LONDON Aug 6 Bund yields fell on Wednesday and
an auction of five-year German debt was expected to be firmly
bid as investors sought refuge in top-rated assets as Russia
appeared to step up military exercises near its border with
Polish foreign minister Radoslaw Sikorski said late on
Tuesday Russia has "restored its combat capability" to either
put pressure on Ukraine or to enter it, while Ukrainian
government forces kept up a military offensive to reclaim lost
territory in the country's east.
Russian Prime Minister Dmitry Medvedev threatened to
retaliate for the grounding of a subsidiary of national airline
Aeroflot because of EU sanctions, with one newspaper reporting
that European flights to Asia over Siberia could be banned.
Bund yields fell 2 basis points to 1.15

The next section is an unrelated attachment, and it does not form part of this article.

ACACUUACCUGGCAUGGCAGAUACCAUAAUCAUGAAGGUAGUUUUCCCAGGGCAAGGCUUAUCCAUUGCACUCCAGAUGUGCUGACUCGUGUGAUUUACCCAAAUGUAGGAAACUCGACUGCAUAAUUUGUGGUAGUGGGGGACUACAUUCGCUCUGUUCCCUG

percent, keeping within touching distance of last month's record
lows of 1.11 percent. Bund futures were up 21 ticks on
the day at 148.22.
"We're going to trade pretty firm on the back of all this
Russian invasion noise," one trader said.
Germany sells up to 3 billion euros of five-year debt later
in the day and a downbeat inflation outlook is also expected to
contribute to solid demand.
The European Central Bank meets on Thursday, but it is not
expected to tweak policy as it has signalled it first wants to
await the results of June's rate cuts and long-term loans to
banks (TLTROs) due in September before making further moves.
But it is likely to reinforce its readiness to act if the
inflation outlook deteriorated further.
"There is no potential for yields to rise significantly in
the near term, given the prospect of dovish comments from the
ECB, the TLTROs in September and given that the economy remains
weak," said Patrick Jacq, rate strategist at BNP Paribas.
Data showed German factory orders fell 3.2 percent in June,
versus expectations of a 1 percent rise.
Italy releases second-quarter gross domestic product data
later on Wednesday. The economy, which carries one of the
world's largest debt burdens, is expected to have grown by 0.1
percent on the year.
Italian and Spanish 10-year debt
yields rose 2 basis points to 2.78 percent and 2.59 percent,
(Reporting by Marius Zaharia, editing by John Stonestreet)